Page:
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Practically Speaking

Kyle and her husband moved to Brookfield in 1986. She became active in local politics and started blogging in 2004. Her focus is primarily on local issues but often includes state and national topics, too. Kyle looks at things from the taxpayers' perspective in a creative, yet down to earth way, addressing them from a practical point of view.

Parental rights.org

Education, Ethics, Government / Bureaucracy, Health care, Pro Life / Pro Abortion, Slipping fast!

 http://www.parentalrights.org/blog/courts-the-law/un3

UN Report: Belgium Dec. 15, 2008

 

Posted by: Peter Kamakawiwoole on December 15th, 2008
Tag(s):  

Watching Out for Her Little Ones
Belgium and the UN Convention on the Rights of the Child

Winter is finally upon us, ushering in the joys of the holidays and, at least for most of the country, the arrival of cold weather. As the temperature falls and the days get shorter, Moms and Dads brace themselves for the first signs of inevitable winter sicknesses: everything from a simple cough and cold to wheezing, strep, and the dreaded stomach flu. For many Americans, the solution to these illnesses is a simple medication, or perhaps vaccination in certain cases, but the choice of proper treatment is left to the parents.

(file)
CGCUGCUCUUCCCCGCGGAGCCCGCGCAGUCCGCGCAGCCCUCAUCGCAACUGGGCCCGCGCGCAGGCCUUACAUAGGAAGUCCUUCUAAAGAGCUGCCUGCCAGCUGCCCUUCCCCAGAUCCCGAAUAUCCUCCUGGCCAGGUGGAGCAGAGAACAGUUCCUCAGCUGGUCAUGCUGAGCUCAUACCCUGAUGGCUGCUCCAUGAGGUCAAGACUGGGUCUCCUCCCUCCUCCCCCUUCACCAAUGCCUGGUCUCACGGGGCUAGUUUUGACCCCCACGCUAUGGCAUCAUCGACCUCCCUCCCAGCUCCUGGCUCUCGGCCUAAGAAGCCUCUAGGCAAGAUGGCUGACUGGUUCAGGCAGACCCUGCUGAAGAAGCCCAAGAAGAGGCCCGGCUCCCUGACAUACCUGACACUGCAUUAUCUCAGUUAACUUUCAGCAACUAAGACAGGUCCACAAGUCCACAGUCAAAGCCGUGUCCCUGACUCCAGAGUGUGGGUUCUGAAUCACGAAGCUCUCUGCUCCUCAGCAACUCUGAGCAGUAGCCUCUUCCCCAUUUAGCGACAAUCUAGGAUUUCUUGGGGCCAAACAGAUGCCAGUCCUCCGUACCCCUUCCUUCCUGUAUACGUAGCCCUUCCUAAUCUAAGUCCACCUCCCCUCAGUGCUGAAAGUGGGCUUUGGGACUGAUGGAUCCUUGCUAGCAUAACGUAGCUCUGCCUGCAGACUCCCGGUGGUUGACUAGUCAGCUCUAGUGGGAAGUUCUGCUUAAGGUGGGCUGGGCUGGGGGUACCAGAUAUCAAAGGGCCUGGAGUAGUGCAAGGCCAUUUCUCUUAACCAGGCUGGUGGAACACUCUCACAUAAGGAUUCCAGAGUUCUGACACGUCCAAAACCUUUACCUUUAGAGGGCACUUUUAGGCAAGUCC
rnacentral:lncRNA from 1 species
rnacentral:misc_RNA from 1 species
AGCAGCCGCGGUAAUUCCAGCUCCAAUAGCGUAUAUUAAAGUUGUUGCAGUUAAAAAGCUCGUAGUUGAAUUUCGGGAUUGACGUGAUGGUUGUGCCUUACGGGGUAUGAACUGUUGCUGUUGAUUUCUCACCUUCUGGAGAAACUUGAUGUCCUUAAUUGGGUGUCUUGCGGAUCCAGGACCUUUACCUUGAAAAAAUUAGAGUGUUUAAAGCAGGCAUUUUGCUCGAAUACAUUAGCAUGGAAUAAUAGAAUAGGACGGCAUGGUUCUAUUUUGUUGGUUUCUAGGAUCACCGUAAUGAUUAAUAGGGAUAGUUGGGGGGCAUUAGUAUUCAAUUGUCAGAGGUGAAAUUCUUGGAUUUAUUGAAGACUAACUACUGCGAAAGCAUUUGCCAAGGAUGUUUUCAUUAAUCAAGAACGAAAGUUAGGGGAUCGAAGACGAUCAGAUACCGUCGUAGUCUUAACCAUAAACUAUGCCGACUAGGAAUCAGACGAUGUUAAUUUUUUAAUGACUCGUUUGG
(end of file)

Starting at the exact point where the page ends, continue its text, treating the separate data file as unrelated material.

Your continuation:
Now imagine a place where the government threatens parents with fines, or even jail time, if they refuse to vaccinate their children - all in the name of “watching out” for the best interests of “its” children. Imagine a country that permits doctors to terminate the lives of “deficient” children up to a year old, even without parental consent, for the sake of “a better society”.  To find such a place, you need look no further than the nation of Belgium.

This Won’t Hurt a Bit . . .

In March 2008, Belgium made international headlines when it sentenced two sets of Belgian parents to five months in prison,  and fined them 4,100 euros ($8,000).1 The crime?  Failing to vaccinate their children against polio.  The government, hiding behind privacy laws, declined to comment on why the parents had refused the vaccine in the first place, or how long a reprieve they had been given in which to comply before going to jail.2